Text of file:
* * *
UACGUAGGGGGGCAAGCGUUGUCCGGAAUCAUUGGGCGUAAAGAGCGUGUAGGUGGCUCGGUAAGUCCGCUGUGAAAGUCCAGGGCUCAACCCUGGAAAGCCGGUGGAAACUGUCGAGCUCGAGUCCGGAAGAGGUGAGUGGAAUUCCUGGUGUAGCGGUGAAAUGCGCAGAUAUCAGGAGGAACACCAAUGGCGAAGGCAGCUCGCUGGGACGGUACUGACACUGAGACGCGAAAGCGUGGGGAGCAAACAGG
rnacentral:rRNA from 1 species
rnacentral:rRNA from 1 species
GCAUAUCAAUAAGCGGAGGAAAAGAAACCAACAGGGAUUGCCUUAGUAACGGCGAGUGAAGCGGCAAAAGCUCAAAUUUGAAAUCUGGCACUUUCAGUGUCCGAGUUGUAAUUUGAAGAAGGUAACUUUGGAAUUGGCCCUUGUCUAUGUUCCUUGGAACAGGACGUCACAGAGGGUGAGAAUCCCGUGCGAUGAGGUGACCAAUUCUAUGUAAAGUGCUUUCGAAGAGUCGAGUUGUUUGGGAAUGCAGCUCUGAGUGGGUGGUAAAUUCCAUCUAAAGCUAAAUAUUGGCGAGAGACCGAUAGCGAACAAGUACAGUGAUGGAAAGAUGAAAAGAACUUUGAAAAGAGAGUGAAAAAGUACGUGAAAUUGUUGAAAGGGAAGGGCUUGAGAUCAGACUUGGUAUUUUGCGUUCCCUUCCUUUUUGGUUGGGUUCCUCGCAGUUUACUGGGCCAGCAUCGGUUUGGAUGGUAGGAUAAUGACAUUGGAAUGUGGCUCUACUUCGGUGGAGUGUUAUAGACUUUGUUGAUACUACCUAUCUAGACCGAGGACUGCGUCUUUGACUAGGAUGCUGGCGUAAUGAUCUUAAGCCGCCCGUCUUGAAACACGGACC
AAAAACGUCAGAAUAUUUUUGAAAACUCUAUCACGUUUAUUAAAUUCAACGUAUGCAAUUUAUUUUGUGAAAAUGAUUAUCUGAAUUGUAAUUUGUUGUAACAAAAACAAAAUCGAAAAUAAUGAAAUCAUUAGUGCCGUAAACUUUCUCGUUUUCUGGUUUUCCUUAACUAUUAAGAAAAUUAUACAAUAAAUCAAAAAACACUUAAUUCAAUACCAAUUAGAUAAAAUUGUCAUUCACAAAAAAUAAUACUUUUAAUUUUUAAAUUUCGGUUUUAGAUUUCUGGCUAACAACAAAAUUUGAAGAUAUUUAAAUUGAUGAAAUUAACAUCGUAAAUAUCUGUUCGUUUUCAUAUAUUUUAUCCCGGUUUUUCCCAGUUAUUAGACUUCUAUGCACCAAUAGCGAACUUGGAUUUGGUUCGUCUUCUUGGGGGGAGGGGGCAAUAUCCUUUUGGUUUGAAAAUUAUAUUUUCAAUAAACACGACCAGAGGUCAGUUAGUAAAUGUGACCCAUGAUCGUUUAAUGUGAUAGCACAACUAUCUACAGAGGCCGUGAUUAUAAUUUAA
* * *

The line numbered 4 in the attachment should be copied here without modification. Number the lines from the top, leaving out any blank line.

GCAUAUCAAUAAGCGGAGGAAAAGAAACCAACAGGGAUUGCCUUAGUAACGGCGAGUGAAGCGGCAAAAGCUCAAAUUUGAAAUCUGGCACUUUCAGUGUCCGAGUUGUAAUUUGAAGAAGGUAACUUUGGAAUUGGCCCUUGUCUAUGUUCCUUGGAACAGGACGUCACAGAGGGUGAGAAUCCCGUGCGAUGAGGUGACCAAUUCUAUGUAAAGUGCUUUCGAAGAGUCGAGUUGUUUGGGAAUGCAGCUCUGAGUGGGUGGUAAAUUCCAUCUAAAGCUAAAUAUUGGCGAGAGACCGAUAGCGAACAAGUACAGUGAUGGAAAGAUGAAAAGAACUUUGAAAAGAGAGUGAAAAAGUACGUGAAAUUGUUGAAAGGGAAGGGCUUGAGAUCAGACUUGGUAUUUUGCGUUCCCUUCCUUUUUGGUUGGGUUCCUCGCAGUUUACUGGGCCAGCAUCGGUUUGGAUGGUAGGAUAAUGACAUUGGAAUGUGGCUCUACUUCGGUGGAGUGUUAUAGACUUUGUUGAUACUACCUAUCUAGACCGAGGACUGCGUCUUUGACUAGGAUGCUGGCGUAAUGAUCUUAAGCCGCCCGUCUUGAAACACGGACC